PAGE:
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These Four Cases Will Quickly Show Who Gorsuch Really Is

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Trump Donates His Presidential Salary to the Park Service While Pushing Cuts That Would Harm It

Mother Jones

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Donald Trump is donating the first three months of his presidential salary to the National Park Service, White House Press Secretary Sean Spicer announced on Monday. “The Park Service has cared for our parks since 1916,” Spicer said in handing over a check for $78,333 to Secretary of the Interior Ryan Zinke, “and the president is personally proud to contribute the first quarter of his salary to the important mission of the Park Service, which is preserving our country’s national security.”

It was unclear if Spicer misspoke by mentioning national security, and Zinke emphasized the donation would help cover $229 million of deferred maintenance on the nation’s 25 national battlefields. “As a veteran myself, I want to say I am thrilled at the President’s decision to donate the check he did today,” he said. “We’re excited about that opportunity.”

Last month, Trump proposed slashing spending at the Department of Interior by $1.5 billion, 12 percent of the budget at the Park Service’s parent agency. Advocates have warned that the cuts would harm acquisition and preservation programs. The check presented today would make up just .005 percent of the cuts.

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Trump Donates His Presidential Salary to the Park Service While Pushing Cuts That Would Harm It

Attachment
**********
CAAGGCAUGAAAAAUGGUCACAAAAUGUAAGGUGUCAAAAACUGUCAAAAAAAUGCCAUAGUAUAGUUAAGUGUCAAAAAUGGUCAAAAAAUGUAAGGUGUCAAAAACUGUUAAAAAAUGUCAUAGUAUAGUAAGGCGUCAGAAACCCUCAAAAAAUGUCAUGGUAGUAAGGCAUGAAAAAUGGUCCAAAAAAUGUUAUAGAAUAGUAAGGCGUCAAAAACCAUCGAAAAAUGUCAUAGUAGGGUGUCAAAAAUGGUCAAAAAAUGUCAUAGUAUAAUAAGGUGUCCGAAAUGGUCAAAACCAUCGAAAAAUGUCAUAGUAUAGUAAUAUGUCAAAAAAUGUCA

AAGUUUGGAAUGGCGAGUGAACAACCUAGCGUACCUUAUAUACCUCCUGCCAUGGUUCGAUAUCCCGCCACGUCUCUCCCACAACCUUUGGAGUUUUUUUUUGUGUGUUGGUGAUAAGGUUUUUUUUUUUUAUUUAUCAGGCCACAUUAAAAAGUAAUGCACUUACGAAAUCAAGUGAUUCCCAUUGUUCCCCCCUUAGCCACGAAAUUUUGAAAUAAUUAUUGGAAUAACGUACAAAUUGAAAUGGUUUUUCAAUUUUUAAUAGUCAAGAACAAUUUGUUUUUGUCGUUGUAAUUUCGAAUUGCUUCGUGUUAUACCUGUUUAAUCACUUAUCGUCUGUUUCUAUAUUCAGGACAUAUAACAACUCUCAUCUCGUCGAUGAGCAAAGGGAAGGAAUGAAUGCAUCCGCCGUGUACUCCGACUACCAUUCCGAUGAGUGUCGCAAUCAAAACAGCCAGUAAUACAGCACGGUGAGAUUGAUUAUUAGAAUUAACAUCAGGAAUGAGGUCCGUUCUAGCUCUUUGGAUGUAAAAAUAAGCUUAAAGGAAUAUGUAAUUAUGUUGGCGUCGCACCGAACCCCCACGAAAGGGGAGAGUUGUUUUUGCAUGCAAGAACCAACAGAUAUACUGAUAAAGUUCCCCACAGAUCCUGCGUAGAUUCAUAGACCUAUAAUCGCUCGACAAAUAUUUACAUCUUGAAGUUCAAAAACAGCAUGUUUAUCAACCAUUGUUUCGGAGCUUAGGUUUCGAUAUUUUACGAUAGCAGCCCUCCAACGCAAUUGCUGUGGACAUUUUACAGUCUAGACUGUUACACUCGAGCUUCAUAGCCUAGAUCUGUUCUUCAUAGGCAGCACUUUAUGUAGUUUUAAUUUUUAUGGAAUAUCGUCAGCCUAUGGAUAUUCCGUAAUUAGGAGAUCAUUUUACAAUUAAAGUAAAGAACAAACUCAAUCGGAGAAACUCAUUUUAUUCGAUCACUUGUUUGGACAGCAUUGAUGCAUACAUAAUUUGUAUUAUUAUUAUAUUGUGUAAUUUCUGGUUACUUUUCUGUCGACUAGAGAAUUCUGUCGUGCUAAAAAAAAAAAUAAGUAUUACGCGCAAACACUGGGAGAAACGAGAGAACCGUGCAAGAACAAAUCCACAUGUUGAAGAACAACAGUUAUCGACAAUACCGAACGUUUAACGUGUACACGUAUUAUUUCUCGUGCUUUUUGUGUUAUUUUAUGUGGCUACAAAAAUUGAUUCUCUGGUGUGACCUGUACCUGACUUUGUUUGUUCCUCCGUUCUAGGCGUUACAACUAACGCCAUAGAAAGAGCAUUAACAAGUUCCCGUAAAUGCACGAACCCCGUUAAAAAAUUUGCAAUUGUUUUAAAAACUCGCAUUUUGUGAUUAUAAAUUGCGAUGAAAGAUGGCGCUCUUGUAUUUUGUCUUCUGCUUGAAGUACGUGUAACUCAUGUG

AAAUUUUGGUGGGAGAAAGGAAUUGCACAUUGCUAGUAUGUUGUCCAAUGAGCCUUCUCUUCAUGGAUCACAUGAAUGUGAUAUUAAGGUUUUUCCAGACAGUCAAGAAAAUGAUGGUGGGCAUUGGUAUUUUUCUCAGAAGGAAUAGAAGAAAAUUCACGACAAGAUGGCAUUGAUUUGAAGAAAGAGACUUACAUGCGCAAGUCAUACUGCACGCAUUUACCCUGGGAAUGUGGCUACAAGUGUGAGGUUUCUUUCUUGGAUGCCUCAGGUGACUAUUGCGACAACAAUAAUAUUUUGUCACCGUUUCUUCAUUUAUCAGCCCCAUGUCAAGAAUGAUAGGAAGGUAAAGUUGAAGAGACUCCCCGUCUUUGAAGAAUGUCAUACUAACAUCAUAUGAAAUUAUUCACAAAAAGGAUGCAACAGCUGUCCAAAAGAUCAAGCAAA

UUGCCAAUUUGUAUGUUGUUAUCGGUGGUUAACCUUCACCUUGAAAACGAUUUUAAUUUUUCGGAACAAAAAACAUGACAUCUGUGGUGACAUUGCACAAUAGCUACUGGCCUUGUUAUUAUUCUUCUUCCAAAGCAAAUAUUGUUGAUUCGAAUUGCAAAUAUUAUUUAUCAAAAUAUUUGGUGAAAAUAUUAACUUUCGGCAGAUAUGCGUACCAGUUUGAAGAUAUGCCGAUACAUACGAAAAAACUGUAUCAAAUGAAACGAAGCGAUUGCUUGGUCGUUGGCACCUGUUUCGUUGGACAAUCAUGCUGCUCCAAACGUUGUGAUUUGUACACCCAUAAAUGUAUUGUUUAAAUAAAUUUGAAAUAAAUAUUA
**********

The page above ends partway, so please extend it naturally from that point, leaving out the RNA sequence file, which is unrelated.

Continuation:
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Secret Service Agents Under Investigation for Taking Photos of Donald Trump’s Sleeping Grandson

Mother Jones

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A source with knowledge of the information tells Mother Jones that two Secret Service agents who were assigned to protect Donald Trump III, President Donald Trump’s grandson, took selfies with the eight year old while he was sleeping. The incident is now under investigation.

The source was clear that the agents were not under investigation for criminal behavior; rather, this investigation is about the agents abandoning their post while charged with protecting the grandson of the President of the United States.

The incident took place last weekend when the two agents, who were assigned to protect Trump III, were driving him from Westchester County, New York, where the Trump family has an estate, to Manhattan. Trump III was sleeping in the car when the agents began to take selfies with him while he was still asleep. Trump III woke up and, as the source framed it, “freaked out.” Upon return to Manhattan, he shared the experience with his mother, Vanessa Trump, who relayed her concerns to his father, Donald Trump, Jr. The issue was quickly escalated to top management of the Secret Service. The two agents were ordered to report to the Secret Service Office of Professional Responsibility in Washington, DC.

In a statement, a spokesman for the Secret Service confirmed that an investigation was underway.

“The US Secret Service is aware of a matter involving two of our agents and one of our protectees. Our Office of Professional Responsibility will always thoroughly review a matter to determine the facts and to ensure proper, long-standing protocols and procedures are followed. The Secret Service would caution individuals to not jump to conclusions that may grossly mischaracterize the matter.”

This revelation comes at a time when the Secret Service is doing damage control after an intruder was able to penetrate the outer perimeter of the White House grounds and was able to get close to the entrance of the north portico of the White House. According to two sources, President Trump has had a good relationship with his detail, and this is seen as an isolated incident that is not symptomatic of issues with his or his families protective detail.

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Secret Service Agents Under Investigation for Taking Photos of Donald Trump’s Sleeping Grandson